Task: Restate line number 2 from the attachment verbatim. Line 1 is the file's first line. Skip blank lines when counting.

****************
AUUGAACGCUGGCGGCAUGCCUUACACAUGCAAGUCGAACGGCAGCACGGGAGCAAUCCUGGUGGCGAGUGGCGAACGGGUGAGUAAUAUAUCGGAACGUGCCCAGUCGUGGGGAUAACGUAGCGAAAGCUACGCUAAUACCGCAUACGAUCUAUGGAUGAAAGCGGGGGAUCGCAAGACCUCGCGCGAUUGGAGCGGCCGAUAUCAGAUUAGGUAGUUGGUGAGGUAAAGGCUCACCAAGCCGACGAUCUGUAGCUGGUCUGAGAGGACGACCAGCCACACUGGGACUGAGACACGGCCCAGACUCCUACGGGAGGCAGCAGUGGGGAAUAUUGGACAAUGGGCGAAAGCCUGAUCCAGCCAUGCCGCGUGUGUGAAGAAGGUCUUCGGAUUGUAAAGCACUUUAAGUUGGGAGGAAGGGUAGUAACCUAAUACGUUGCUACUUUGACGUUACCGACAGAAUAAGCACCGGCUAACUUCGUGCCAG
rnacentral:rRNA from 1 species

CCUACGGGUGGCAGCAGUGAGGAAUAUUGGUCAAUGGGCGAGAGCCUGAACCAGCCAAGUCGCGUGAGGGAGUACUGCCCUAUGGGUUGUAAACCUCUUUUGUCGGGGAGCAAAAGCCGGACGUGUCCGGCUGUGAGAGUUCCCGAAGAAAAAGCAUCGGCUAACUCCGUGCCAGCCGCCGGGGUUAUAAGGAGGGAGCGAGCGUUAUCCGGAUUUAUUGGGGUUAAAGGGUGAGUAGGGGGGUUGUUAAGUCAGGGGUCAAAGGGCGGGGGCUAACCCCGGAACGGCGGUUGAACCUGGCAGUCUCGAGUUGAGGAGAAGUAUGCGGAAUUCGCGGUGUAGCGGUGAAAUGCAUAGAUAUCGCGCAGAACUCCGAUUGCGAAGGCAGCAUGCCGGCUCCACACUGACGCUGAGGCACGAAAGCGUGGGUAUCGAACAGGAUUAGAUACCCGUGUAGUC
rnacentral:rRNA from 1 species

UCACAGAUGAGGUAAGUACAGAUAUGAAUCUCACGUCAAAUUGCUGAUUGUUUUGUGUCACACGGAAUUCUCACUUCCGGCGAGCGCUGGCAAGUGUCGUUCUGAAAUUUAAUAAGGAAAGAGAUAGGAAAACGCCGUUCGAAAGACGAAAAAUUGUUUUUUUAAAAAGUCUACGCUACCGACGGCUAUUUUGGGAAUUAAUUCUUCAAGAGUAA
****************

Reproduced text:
rnacentral:rRNA from 1 species